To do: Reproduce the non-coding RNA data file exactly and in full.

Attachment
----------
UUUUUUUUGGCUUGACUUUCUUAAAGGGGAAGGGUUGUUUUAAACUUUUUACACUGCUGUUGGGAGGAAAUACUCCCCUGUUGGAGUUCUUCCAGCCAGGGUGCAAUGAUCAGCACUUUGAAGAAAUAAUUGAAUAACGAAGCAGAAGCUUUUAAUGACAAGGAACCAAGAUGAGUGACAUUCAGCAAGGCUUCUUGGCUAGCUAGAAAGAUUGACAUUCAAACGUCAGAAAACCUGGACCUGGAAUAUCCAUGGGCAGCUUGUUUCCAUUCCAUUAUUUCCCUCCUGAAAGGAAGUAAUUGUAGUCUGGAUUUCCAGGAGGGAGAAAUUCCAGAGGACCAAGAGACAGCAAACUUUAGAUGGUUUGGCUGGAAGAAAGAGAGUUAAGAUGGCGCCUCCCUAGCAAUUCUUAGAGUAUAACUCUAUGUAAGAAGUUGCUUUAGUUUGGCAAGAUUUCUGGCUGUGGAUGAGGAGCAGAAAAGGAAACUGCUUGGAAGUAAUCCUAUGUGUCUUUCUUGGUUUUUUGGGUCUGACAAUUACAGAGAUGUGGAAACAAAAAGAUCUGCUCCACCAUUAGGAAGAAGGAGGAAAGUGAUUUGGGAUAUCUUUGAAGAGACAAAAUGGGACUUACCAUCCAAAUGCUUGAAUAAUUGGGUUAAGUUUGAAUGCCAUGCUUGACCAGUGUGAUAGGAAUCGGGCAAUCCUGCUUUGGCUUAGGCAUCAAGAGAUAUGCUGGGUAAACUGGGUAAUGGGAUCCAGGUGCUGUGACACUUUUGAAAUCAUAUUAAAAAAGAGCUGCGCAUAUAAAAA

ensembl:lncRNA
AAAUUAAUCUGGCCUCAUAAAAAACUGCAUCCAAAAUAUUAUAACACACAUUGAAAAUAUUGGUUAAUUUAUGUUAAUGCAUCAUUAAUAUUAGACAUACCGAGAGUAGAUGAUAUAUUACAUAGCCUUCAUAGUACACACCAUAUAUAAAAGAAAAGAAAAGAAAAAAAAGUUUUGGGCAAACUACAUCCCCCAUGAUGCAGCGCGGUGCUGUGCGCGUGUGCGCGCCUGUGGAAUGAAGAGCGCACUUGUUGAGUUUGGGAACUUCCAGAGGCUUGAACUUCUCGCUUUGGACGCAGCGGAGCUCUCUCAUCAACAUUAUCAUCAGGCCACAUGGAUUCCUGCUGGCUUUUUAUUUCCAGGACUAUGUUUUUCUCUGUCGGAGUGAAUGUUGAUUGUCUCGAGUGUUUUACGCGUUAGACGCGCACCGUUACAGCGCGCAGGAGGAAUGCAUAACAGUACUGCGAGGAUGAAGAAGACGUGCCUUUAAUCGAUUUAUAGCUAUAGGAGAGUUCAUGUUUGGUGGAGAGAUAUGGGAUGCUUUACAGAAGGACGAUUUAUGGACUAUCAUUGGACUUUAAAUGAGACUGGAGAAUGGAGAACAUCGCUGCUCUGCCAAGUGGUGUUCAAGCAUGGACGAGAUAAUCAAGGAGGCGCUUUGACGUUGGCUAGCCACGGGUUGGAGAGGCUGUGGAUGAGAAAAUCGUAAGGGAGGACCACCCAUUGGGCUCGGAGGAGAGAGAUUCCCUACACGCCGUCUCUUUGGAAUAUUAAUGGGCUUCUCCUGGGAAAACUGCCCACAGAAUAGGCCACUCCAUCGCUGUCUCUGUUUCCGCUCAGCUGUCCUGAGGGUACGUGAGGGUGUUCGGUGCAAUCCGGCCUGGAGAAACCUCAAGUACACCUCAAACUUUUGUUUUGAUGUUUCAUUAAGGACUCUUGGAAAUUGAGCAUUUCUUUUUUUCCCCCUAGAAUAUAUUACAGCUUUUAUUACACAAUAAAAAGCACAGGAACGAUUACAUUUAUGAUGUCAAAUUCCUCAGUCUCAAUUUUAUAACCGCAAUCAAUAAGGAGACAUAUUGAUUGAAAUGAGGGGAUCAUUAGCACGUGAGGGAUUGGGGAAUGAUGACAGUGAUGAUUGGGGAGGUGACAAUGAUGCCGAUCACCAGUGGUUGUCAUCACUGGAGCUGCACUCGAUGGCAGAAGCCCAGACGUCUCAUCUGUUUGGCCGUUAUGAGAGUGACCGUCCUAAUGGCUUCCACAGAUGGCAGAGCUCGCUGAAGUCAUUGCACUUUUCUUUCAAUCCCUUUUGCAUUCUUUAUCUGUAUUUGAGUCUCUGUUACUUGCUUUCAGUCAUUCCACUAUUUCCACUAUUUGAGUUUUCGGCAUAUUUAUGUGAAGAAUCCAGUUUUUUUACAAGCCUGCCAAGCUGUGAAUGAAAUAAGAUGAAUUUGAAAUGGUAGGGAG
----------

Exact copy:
UUUUUUUUGGCUUGACUUUCUUAAAGGGGAAGGGUUGUUUUAAACUUUUUACACUGCUGUUGGGAGGAAAUACUCCCCUGUUGGAGUUCUUCCAGCCAGGGUGCAAUGAUCAGCACUUUGAAGAAAUAAUUGAAUAACGAAGCAGAAGCUUUUAAUGACAAGGAACCAAGAUGAGUGACAUUCAGCAAGGCUUCUUGGCUAGCUAGAAAGAUUGACAUUCAAACGUCAGAAAACCUGGACCUGGAAUAUCCAUGGGCAGCUUGUUUCCAUUCCAUUAUUUCCCUCCUGAAAGGAAGUAAUUGUAGUCUGGAUUUCCAGGAGGGAGAAAUUCCAGAGGACCAAGAGACAGCAAACUUUAGAUGGUUUGGCUGGAAGAAAGAGAGUUAAGAUGGCGCCUCCCUAGCAAUUCUUAGAGUAUAACUCUAUGUAAGAAGUUGCUUUAGUUUGGCAAGAUUUCUGGCUGUGGAUGAGGAGCAGAAAAGGAAACUGCUUGGAAGUAAUCCUAUGUGUCUUUCUUGGUUUUUUGGGUCUGACAAUUACAGAGAUGUGGAAACAAAAAGAUCUGCUCCACCAUUAGGAAGAAGGAGGAAAGUGAUUUGGGAUAUCUUUGAAGAGACAAAAUGGGACUUACCAUCCAAAUGCUUGAAUAAUUGGGUUAAGUUUGAAUGCCAUGCUUGACCAGUGUGAUAGGAAUCGGGCAAUCCUGCUUUGGCUUAGGCAUCAAGAGAUAUGCUGGGUAAACUGGGUAAUGGGAUCCAGGUGCUGUGACACUUUUGAAAUCAUAUUAAAAAAGAGCUGCGCAUAUAAAAA

ensembl:lncRNA
AAAUUAAUCUGGCCUCAUAAAAAACUGCAUCCAAAAUAUUAUAACACACAUUGAAAAUAUUGGUUAAUUUAUGUUAAUGCAUCAUUAAUAUUAGACAUACCGAGAGUAGAUGAUAUAUUACAUAGCCUUCAUAGUACACACCAUAUAUAAAAGAAAAGAAAAGAAAAAAAAGUUUUGGGCAAACUACAUCCCCCAUGAUGCAGCGCGGUGCUGUGCGCGUGUGCGCGCCUGUGGAAUGAAGAGCGCACUUGUUGAGUUUGGGAACUUCCAGAGGCUUGAACUUCUCGCUUUGGACGCAGCGGAGCUCUCUCAUCAACAUUAUCAUCAGGCCACAUGGAUUCCUGCUGGCUUUUUAUUUCCAGGACUAUGUUUUUCUCUGUCGGAGUGAAUGUUGAUUGUCUCGAGUGUUUUACGCGUUAGACGCGCACCGUUACAGCGCGCAGGAGGAAUGCAUAACAGUACUGCGAGGAUGAAGAAGACGUGCCUUUAAUCGAUUUAUAGCUAUAGGAGAGUUCAUGUUUGGUGGAGAGAUAUGGGAUGCUUUACAGAAGGACGAUUUAUGGACUAUCAUUGGACUUUAAAUGAGACUGGAGAAUGGAGAACAUCGCUGCUCUGCCAAGUGGUGUUCAAGCAUGGACGAGAUAAUCAAGGAGGCGCUUUGACGUUGGCUAGCCACGGGUUGGAGAGGCUGUGGAUGAGAAAAUCGUAAGGGAGGACCACCCAUUGGGCUCGGAGGAGAGAGAUUCCCUACACGCCGUCUCUUUGGAAUAUUAAUGGGCUUCUCCUGGGAAAACUGCCCACAGAAUAGGCCACUCCAUCGCUGUCUCUGUUUCCGCUCAGCUGUCCUGAGGGUACGUGAGGGUGUUCGGUGCAAUCCGGCCUGGAGAAACCUCAAGUACACCUCAAACUUUUGUUUUGAUGUUUCAUUAAGGACUCUUGGAAAUUGAGCAUUUCUUUUUUUCCCCCUAGAAUAUAUUACAGCUUUUAUUACACAAUAAAAAGCACAGGAACGAUUACAUUUAUGAUGUCAAAUUCCUCAGUCUCAAUUUUAUAACCGCAAUCAAUAAGGAGACAUAUUGAUUGAAAUGAGGGGAUCAUUAGCACGUGAGGGAUUGGGGAAUGAUGACAGUGAUGAUUGGGGAGGUGACAAUGAUGCCGAUCACCAGUGGUUGUCAUCACUGGAGCUGCACUCGAUGGCAGAAGCCCAGACGUCUCAUCUGUUUGGCCGUUAUGAGAGUGACCGUCCUAAUGGCUUCCACAGAUGGCAGAGCUCGCUGAAGUCAUUGCACUUUUCUUUCAAUCCCUUUUGCAUUCUUUAUCUGUAUUUGAGUCUCUGUUACUUGCUUUCAGUCAUUCCACUAUUUCCACUAUUUGAGUUUUCGGCAUAUUUAUGUGAAGAAUCCAGUUUUUUUACAAGCCUGCCAAGCUGUGAAUGAAAUAAGAUGAAUUUGAAAUGGUAGGGAG